Historically, Dell has addressed the market for higher-end gaming desktops with their Alienware-branded machines, which are frequently built around unlocked CPUs as well as advanced graphics cards. Meanwhile, for those who wanted Dell-branded gaming PCs without the Alienware premium, the company has offered their custom-built Inspiron as well as XPS-branded machines; though there's a large gap between the premium XPS and basic Inspiron as well. So, looking to bridge the gap between their machines and produce a line of gaming-centric yet still reasonably affordable desktops, at this year's Gamescom the company is introducing its first ever Dell G-series desktops. Taking their name from Dell's popular G5 gaming laptops – which are intended to fill much the same role on the laptop side –  these new machines are intended to be Dell's gaming-focused desktops for the wider market.

The Dell G5 desktop (model 5090) is based on Intel’s 9th Generation Core processors and is paired with AMD’s Radeon RX 5700-series or NVIDIA’s GeForce GTX 1660 Ti or RTX 2000-series graphics cards. In its top-of-the-range configuration, the Dell G5 can pack Intel’s Core i9-9900K processor, NVIDIA’s GeForce RTX 2080 GPU, 64 GB of DDR4-2666 memory, a 1 TB M.2 PCIe SSD, a 2 TB hard drive (or two of them), a Killer Wi-Fi 6 AX1650 network card, Gigabit Ethernet, and so on.

Dell emphasizes that its compact G5 desktop is completely user-upgradeable, so owners will be able to easily install a new graphics card or upgrade to more storage when they need to. Meanwhile, since the machine uses a motherboard based on Intel’s H370 chipset, it does not support CPU overclocking, unlike Alienware-branded computers. The lack of overclocking support also means that Dell can stick with a (relatively) conservative 480 Watt power supply for the system, as there's no need for a bunch of overclocking headroom in the power delivery design. Overall, this is enough for a 9900K CPU paired up with one of NVIDIA's GeForce RTX 2080 video cards, but is likely a factor in why we don't see an RTX 2080 Ti here.

Unlike many gaming desktops these days, Dell’s G5 will not come with liquid cooling, but will rely on proven air cooling systems with heat pipes. Keeping in mind that CPU overclocking is not supported by the platform, air cooling should be plenty sufficient. Meanwhile, those who would like CPU and GPU to at least hit their maximum boost clocks more often can set appropriate thermal profiles in the Alienware Command Center software.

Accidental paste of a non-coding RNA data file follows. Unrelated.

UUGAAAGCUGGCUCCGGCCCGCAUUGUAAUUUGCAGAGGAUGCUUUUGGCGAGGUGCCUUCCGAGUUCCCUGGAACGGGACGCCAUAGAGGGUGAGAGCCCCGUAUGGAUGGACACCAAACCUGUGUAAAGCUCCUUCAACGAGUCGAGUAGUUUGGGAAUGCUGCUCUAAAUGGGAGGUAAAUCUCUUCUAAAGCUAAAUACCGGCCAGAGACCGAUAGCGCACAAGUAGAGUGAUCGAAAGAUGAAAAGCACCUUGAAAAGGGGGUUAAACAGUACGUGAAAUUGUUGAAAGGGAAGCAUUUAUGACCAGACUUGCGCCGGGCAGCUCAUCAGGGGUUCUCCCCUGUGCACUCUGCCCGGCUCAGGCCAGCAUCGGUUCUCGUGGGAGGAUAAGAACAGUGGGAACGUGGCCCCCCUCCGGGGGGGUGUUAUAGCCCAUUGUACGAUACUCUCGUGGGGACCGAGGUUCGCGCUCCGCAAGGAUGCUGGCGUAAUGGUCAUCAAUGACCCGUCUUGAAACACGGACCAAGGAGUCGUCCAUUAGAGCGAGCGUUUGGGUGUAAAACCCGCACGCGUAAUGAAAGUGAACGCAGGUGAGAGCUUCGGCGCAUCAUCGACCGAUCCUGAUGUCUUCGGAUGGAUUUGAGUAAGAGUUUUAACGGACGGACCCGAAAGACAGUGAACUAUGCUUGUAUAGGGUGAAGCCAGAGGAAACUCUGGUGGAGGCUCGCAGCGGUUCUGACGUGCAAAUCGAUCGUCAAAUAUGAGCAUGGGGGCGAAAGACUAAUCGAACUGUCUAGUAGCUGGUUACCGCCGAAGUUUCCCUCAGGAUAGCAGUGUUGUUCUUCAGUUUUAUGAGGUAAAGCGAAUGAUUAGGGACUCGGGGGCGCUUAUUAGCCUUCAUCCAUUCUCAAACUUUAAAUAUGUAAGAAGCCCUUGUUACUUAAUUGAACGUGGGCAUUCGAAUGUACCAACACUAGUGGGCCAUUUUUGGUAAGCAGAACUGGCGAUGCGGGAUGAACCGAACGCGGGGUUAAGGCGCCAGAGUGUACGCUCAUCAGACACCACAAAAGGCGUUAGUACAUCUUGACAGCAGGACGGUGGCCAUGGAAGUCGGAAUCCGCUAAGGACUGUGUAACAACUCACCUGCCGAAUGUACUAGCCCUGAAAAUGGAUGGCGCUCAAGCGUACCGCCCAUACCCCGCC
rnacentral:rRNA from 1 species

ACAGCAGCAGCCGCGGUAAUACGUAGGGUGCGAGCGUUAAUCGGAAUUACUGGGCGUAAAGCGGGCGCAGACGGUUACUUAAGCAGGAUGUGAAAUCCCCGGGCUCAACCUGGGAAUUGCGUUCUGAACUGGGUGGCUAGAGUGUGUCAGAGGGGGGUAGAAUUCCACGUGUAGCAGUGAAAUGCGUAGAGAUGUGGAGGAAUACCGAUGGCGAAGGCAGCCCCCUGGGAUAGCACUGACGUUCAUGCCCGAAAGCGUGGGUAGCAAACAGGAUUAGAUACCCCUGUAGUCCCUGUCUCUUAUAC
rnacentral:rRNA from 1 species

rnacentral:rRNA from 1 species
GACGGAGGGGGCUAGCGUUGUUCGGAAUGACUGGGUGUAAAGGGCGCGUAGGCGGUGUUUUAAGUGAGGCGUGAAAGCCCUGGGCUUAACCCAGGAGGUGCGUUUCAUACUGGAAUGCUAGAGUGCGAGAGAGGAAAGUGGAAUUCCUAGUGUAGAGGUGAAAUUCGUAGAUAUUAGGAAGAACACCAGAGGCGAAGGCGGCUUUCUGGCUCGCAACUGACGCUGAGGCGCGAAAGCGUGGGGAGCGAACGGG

Dell’s G5 desktops will be available starting August 19. Prices will start at $629, with more advanced configurations coming in at higher prices.

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Source: Dell

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  • PeachNCream - Tuesday, August 20, 2019 - link

    One of the outgrowths of competition in the PSU space is that people have been spending the last decade setting some unusual expectations with regards to what is actually necessary in terms of power supply output. Granted, I do agree that 460W seems a tad lean, but a 500W PSU would be perfectly adequate for the job without suffering from numbers bloat. Though, if Dell is willing to offer an extended warranty of their computer with a 460W supply, I'm pretty sure I would just get the extra warranty and not lose any sleep over the numbers.
  • Phynaz - Tuesday, August 20, 2019 - link

  • RSAUser - Wednesday, August 21, 2019 - link

    460W is a tad lean? A 1070 is 150W, a 3600 is 65W, then the rest of it combined maybe another 30W or so, and without taking into account that at no point will any of those parts actually all draw max at the same time as one would bottleneck the other, you'd at most need a 250W PSU, with efficiency curve at ~70%, 420W is already an overkill. Anything ~350W and more is good enough for most modern hardware, I don't understand the obsession.

    Even if you're going Intel with like 120W at max draw for most consumer parts, you'd still easily be able to go with a ~400W PSU.

    Actually measure your power draw from the wall, then put it on a simulated max workload and check the draw, then check while running e.g. games that will pretty much never reach simulated level. 500W is overkill for anything, "modern" (I use loosely as anything pretty much post sandy bridge, 900 series/not really AMD post 200 series) consumer level.
  • schujj07 - Wednesday, August 21, 2019 - link

    @RSAUser you are using numbers from 2 components that aren't even on the customization list. Intel i9-9900K will hit 180W, RTX 2080 is 215W with a peak of over 300W, there are blue LEDs are a few watts, and the other stuff is 30W. That will make the power draw 430W easily with possibly more requested. Not to mention this is going to be a low quality unit so this isn't a good idea of putting a 9900k and RTX 2080 into this system.
  • sbopk - Wednesday, August 21, 2019 - link

    wow awesome


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